With loads of options and reviews, online travel agencies can be useful resources for your next trip, but if you're using them to book a hotel, you might be paying too much. Let's take a look at a few reasons why.
First, did you know that online travel agencies charge hotels up to 30 percent to be listed on their sites? As a result, the hotels don't profit as much on those bookings. So, if you book with a hotel directly, the hotel saves more and you can too.
Hotels are not legally allowed to undercut online travel agencies, but if you call them directly there are no regulations. Chances are they will match the lowest price you find, or sweeten the deal with things like a room upgrade or free WiFi.
Finally, when you book directly, you also get more choice and flexibility. Hotels only set aside a certain amount of rooms for online travel agencies, but they typically keep the best rooms for themselves to sell directly.
By calling the hotel you can book a room that's better than what you would've gotten online. Best of all, if you have any issues with your reservation, you'll be connected to the hotel and not an automated number.
So, before you make reservations, remember these tips. When you book directly with a hotel, you might be surprised by how much you can save.
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If you're flexible and love the sheer adventure of travel, you'll also love Kayak's Explore tool as much as I do. It instantly maps all airfares available within your specified budget to destinations worldwide. You enter the month or season you want to travel -- and the maximum amount you have to spend on a ticket -- and it shows you all the places you can fly to for that amount or less. You can even search by the activities or weather you're looking for in a destination. I think that Kayak Explore should be the first stop when planning a true travel adventure.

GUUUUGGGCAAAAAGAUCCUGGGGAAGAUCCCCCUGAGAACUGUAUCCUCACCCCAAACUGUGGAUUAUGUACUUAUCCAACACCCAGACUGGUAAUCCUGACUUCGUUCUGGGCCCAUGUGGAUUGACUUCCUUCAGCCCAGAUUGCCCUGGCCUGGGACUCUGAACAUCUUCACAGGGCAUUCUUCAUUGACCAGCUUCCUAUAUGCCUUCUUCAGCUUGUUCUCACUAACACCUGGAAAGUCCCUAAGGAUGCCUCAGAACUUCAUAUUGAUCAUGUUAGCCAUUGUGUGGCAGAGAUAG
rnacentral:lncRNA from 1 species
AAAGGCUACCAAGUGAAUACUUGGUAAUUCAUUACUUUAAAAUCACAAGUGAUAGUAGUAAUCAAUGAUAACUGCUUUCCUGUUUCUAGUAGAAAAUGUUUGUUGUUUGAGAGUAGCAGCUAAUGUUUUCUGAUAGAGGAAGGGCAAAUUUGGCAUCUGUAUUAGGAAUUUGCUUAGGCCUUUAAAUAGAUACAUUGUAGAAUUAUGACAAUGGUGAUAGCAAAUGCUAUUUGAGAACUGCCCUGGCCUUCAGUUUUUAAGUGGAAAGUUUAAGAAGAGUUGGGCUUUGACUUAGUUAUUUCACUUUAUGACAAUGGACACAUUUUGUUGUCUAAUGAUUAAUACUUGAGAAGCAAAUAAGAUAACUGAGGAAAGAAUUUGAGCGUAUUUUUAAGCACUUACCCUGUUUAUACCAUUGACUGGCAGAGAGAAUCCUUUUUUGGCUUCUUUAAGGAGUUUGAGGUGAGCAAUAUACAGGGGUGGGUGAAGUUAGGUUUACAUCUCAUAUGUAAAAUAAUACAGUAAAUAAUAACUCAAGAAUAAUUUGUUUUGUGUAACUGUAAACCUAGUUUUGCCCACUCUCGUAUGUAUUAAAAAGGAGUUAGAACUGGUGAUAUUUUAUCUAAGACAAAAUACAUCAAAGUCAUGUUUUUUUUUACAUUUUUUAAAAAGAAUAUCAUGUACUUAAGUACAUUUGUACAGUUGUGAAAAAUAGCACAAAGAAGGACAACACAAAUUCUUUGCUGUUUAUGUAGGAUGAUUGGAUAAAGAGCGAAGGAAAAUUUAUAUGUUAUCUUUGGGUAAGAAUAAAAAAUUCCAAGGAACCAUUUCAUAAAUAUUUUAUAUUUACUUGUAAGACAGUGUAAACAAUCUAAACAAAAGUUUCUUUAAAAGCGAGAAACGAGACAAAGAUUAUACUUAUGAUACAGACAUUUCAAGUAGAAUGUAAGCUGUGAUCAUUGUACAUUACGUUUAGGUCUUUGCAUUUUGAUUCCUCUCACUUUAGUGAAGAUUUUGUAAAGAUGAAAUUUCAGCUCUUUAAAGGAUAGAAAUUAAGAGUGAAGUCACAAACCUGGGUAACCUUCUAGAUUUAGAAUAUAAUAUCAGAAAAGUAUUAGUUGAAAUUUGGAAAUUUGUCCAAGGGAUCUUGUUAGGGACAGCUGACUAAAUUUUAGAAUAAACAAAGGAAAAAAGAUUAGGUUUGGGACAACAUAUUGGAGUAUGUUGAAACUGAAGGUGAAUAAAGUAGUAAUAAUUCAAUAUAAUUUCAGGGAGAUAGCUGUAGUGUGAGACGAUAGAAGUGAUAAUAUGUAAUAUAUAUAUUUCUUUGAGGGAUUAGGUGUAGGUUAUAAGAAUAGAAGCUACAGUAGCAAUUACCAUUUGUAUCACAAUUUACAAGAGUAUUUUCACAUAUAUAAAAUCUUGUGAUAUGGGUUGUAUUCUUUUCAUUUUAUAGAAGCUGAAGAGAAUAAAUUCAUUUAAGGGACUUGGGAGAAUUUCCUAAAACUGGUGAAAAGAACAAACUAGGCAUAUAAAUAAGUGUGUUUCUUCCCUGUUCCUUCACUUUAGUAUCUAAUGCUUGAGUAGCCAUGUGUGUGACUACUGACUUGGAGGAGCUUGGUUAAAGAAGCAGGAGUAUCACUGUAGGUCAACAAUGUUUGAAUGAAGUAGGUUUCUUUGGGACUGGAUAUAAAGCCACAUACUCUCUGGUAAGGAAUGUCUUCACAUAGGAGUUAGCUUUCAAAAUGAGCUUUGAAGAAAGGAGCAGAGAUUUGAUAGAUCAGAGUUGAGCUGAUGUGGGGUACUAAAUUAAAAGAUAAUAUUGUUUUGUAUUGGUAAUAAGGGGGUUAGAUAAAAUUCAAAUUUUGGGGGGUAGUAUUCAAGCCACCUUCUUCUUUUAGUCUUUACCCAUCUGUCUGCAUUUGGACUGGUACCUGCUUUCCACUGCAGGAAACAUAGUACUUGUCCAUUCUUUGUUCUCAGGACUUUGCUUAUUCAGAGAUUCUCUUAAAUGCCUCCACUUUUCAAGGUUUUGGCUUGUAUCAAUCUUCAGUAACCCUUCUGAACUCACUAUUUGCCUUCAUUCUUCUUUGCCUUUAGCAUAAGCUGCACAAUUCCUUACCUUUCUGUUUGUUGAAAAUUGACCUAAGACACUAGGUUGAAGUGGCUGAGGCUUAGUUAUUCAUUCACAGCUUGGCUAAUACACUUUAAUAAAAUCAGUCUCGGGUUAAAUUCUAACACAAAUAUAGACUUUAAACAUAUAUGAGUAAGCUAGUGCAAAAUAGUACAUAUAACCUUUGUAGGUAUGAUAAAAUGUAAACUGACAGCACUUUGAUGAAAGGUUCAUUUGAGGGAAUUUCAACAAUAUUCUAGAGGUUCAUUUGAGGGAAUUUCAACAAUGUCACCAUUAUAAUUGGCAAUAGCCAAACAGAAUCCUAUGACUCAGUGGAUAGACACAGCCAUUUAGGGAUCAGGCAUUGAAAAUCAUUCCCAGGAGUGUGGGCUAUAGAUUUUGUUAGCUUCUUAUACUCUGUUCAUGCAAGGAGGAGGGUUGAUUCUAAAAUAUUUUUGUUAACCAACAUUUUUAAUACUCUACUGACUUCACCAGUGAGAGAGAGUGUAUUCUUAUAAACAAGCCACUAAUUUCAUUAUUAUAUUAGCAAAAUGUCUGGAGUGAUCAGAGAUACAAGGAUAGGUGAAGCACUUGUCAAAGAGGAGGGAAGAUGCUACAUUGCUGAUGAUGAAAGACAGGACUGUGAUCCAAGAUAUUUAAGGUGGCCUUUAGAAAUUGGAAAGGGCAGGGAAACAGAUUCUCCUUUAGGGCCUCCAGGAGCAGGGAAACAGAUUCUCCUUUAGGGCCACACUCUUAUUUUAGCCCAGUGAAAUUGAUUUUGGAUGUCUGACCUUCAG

The best travel agent you can have isn't a travel agent at all, but rather someone who lives in the place you want to visit. Sure, it would be great if they invited you to stay with them, but just their knowledge and advice can save you a bundle and help you really enjoy and get to know a place. Thanks to the internet, you can now get to know someone almost any place on the planet before you even leave home. Social network sites like TravBuddy.com, BeWelcome.org, WAYN.com and Couchsurfing.com can put you in touch with people living in the places you'll be traveling to, as well as fellow travelers.
In the spring and fall, many cruise ship companies "reposition" their fleets to different parts of the world to meet seasonal market demands. For example, ships that have been cruising during the winter months off the coast of Central and South America might head north for the summer cruising season in Alaska.
That means flexible travelers can go along on a one-way ride for a fraction of the cost per day compared to most regular cruises. Of course, you'll have to find your own way home -- or maybe just hang out at the terminus point for six months and catch a repositioning cruise in the opposite direction in the fall.
Putting in a few hours of work during your travels can not only score you a free place to stay (and maybe some meals, too), but it can be an interesting experience and a good way to meet locals and fellow travelers alike. Websites like Workaway.info and Helpx.net list part-time, (usually) unpaid work opportunities all around the world that can nicely fit a flexible traveler's schedule, lifestyle and budgetary limitations.
And by joining Trustedhousesitters.com, you're eligible to apply for housesitting gigs worldwide, giving you a free place to stay in exchange for watching over someone's house (and, usually, their pets) while they're away.